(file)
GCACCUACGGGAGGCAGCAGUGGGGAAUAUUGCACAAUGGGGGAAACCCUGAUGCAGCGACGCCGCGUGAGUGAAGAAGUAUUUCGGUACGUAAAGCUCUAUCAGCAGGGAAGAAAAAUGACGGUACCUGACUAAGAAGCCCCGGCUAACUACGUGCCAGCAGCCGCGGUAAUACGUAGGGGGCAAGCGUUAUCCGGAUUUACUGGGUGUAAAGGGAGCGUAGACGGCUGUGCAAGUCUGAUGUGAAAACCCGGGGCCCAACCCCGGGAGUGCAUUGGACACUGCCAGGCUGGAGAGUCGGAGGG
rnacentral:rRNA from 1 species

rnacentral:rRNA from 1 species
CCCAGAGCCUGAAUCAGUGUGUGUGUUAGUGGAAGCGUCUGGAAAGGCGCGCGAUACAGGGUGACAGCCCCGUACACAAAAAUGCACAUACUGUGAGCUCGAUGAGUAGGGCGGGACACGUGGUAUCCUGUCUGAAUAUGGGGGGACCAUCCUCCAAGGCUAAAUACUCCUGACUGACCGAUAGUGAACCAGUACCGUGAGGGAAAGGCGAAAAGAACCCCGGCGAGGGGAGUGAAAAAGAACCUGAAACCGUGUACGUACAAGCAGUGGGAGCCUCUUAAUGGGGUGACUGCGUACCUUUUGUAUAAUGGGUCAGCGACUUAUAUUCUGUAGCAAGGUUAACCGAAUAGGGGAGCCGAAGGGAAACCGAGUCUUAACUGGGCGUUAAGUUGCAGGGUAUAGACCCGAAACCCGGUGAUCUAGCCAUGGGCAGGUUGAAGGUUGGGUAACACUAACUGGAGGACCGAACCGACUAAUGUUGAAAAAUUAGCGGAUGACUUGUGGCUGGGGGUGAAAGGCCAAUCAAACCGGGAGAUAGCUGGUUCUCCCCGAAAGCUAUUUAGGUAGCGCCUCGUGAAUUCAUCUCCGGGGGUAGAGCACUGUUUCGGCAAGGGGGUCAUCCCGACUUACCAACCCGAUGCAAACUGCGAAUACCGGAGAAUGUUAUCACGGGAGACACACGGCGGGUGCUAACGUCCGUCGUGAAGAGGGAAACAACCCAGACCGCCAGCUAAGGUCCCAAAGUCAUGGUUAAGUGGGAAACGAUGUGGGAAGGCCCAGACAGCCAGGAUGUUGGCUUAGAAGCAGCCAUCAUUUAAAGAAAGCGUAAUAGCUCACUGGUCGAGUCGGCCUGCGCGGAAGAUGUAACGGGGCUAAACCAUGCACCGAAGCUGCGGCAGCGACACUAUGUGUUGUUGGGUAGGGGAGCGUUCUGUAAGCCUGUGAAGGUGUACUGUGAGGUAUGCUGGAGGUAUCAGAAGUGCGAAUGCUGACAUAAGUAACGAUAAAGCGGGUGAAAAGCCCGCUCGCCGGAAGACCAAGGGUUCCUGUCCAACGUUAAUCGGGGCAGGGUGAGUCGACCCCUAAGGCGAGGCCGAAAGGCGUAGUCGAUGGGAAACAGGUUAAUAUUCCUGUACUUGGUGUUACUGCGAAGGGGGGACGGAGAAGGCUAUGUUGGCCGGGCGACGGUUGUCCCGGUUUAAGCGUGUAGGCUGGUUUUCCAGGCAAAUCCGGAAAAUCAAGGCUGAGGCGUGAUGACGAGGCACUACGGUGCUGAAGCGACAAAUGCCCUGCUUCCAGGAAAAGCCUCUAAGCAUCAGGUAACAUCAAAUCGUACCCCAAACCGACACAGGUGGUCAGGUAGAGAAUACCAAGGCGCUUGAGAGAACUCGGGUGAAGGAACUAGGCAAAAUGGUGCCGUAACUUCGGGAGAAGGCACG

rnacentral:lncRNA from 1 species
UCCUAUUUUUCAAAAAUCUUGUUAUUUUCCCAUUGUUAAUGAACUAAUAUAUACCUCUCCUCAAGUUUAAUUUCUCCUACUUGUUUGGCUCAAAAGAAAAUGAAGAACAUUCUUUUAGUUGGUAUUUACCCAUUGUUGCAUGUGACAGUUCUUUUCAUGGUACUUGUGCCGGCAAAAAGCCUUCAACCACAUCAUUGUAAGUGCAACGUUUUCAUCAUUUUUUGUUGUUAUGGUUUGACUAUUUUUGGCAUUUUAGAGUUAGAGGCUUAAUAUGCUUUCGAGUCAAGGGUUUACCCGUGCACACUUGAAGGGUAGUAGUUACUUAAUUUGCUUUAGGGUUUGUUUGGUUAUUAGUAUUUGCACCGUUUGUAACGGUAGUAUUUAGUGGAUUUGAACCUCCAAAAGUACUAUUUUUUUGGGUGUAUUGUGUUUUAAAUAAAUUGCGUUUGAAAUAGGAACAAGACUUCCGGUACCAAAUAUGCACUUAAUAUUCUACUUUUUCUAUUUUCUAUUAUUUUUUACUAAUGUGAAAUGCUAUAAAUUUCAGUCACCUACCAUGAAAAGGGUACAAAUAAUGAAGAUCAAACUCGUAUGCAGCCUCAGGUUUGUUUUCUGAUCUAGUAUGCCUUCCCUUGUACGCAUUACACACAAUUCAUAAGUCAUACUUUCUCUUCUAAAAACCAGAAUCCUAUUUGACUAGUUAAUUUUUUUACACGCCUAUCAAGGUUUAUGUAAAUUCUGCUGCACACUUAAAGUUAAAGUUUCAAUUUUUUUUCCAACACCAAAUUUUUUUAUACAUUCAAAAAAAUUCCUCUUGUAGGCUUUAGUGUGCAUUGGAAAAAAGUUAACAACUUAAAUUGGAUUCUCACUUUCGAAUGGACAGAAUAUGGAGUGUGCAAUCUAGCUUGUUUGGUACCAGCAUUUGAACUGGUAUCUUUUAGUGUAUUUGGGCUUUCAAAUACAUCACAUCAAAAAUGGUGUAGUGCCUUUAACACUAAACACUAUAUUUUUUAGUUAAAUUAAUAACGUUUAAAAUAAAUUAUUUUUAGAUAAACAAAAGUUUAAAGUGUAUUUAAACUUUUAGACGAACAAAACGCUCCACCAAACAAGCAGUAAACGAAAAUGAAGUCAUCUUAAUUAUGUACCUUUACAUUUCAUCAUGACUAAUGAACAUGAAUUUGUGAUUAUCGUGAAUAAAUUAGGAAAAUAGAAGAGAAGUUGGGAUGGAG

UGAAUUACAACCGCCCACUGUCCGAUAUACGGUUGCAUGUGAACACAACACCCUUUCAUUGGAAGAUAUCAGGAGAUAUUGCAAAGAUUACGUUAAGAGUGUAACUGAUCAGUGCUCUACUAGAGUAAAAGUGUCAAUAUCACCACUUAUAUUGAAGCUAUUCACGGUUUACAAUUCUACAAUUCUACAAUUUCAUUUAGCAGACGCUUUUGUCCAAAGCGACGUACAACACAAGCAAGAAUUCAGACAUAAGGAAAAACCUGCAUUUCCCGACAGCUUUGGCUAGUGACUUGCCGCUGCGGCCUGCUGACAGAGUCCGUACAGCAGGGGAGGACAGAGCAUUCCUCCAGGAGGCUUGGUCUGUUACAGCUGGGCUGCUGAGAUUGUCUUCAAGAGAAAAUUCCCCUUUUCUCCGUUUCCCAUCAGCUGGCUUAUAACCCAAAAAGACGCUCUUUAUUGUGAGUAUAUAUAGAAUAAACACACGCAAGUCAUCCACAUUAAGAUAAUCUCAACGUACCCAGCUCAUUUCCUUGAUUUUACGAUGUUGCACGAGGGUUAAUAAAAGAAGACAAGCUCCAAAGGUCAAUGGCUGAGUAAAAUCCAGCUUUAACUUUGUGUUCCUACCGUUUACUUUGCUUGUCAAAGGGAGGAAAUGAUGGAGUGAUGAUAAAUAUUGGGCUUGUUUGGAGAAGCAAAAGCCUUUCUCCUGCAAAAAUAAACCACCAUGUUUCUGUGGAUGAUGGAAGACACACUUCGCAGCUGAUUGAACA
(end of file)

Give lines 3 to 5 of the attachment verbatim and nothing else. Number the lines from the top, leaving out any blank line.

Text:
rnacentral:rRNA from 1 species
CCCAGAGCCUGAAUCAGUGUGUGUGUUAGUGGAAGCGUCUGGAAAGGCGCGCGAUACAGGGUGACAGCCCCGUACACAAAAAUGCACAUACUGUGAGCUCGAUGAGUAGGGCGGGACACGUGGUAUCCUGUCUGAAUAUGGGGGGACCAUCCUCCAAGGCUAAAUACUCCUGACUGACCGAUAGUGAACCAGUACCGUGAGGGAAAGGCGAAAAGAACCCCGGCGAGGGGAGUGAAAAAGAACCUGAAACCGUGUACGUACAAGCAGUGGGAGCCUCUUAAUGGGGUGACUGCGUACCUUUUGUAUAAUGGGUCAGCGACUUAUAUUCUGUAGCAAGGUUAACCGAAUAGGGGAGCCGAAGGGAAACCGAGUCUUAACUGGGCGUUAAGUUGCAGGGUAUAGACCCGAAACCCGGUGAUCUAGCCAUGGGCAGGUUGAAGGUUGGGUAACACUAACUGGAGGACCGAACCGACUAAUGUUGAAAAAUUAGCGGAUGACUUGUGGCUGGGGGUGAAAGGCCAAUCAAACCGGGAGAUAGCUGGUUCUCCCCGAAAGCUAUUUAGGUAGCGCCUCGUGAAUUCAUCUCCGGGGGUAGAGCACUGUUUCGGCAAGGGGGUCAUCCCGACUUACCAACCCGAUGCAAACUGCGAAUACCGGAGAAUGUUAUCACGGGAGACACACGGCGGGUGCUAACGUCCGUCGUGAAGAGGGAAACAACCCAGACCGCCAGCUAAGGUCCCAAAGUCAUGGUUAAGUGGGAAACGAUGUGGGAAGGCCCAGACAGCCAGGAUGUUGGCUUAGAAGCAGCCAUCAUUUAAAGAAAGCGUAAUAGCUCACUGGUCGAGUCGGCCUGCGCGGAAGAUGUAACGGGGCUAAACCAUGCACCGAAGCUGCGGCAGCGACACUAUGUGUUGUUGGGUAGGGGAGCGUUCUGUAAGCCUGUGAAGGUGUACUGUGAGGUAUGCUGGAGGUAUCAGAAGUGCGAAUGCUGACAUAAGUAACGAUAAAGCGGGUGAAAAGCCCGCUCGCCGGAAGACCAAGGGUUCCUGUCCAACGUUAAUCGGGGCAGGGUGAGUCGACCCCUAAGGCGAGGCCGAAAGGCGUAGUCGAUGGGAAACAGGUUAAUAUUCCUGUACUUGGUGUUACUGCGAAGGGGGGACGGAGAAGGCUAUGUUGGCCGGGCGACGGUUGUCCCGGUUUAAGCGUGUAGGCUGGUUUUCCAGGCAAAUCCGGAAAAUCAAGGCUGAGGCGUGAUGACGAGGCACUACGGUGCUGAAGCGACAAAUGCCCUGCUUCCAGGAAAAGCCUCUAAGCAUCAGGUAACAUCAAAUCGUACCCCAAACCGACACAGGUGGUCAGGUAGAGAAUACCAAGGCGCUUGAGAGAACUCGGGUGAAGGAACUAGGCAAAAUGGUGCCGUAACUUCGGGAGAAGGCACG

rnacentral:lncRNA from 1 species